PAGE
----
On 26 November 1940 Rudolph Pabus Cleveringa (1840-1980) read aloud his now famous protest speech. As dean of the Law Faculty, he denounced the measure taken by the invading Germans of removing all Jewish professors from their posts. One of these professors was Cleveringa's colleague Eduard Meijers, who should have been lecturing his students at that point in time.
Cleveringa was arrested by the Security Services and remained in prison in Scheveningen (familiarly referred to as the 'Orange Hotel') until the summer of 1941. Having listened to his speech, the Leiden students decided to go on strike, a step that Cleveringa had by no means encouraged them to take. The University was then closed down by the occupying forces.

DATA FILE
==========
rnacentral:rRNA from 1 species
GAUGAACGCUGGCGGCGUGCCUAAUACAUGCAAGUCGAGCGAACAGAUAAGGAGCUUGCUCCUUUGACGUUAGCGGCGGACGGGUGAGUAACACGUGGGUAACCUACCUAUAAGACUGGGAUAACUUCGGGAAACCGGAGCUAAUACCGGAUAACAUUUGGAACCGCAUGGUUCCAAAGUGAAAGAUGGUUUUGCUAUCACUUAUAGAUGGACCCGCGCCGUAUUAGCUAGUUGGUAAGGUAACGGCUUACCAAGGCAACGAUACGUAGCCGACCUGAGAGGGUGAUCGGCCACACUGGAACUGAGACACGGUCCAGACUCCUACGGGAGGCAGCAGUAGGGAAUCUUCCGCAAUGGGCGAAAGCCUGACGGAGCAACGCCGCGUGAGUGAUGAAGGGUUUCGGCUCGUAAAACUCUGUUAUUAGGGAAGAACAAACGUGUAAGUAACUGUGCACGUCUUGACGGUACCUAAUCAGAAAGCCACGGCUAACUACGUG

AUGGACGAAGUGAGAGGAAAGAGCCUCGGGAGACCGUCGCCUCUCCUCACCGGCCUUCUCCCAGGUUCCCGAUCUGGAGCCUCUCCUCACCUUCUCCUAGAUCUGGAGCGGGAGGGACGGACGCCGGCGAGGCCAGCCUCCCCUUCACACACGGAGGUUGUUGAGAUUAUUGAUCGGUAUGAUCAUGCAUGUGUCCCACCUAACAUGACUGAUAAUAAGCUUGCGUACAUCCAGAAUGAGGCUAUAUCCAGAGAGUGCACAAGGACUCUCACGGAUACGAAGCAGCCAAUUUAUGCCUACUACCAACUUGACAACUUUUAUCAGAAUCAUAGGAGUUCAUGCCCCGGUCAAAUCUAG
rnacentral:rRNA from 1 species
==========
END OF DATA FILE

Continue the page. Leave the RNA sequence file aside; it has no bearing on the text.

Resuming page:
In 1944 Cleveringa was imprisoned in Vught. He became a member of the 'College of Trusted Men' that coordinated the resistance. After the war had come to an end, he resumed his work at Leiden University until 1958, when he retired. He was made a member of the Council of State and continued in this role until 1963 when he became Councillor of State Extraordinary. He died at the age of 86, in Oegstgeest.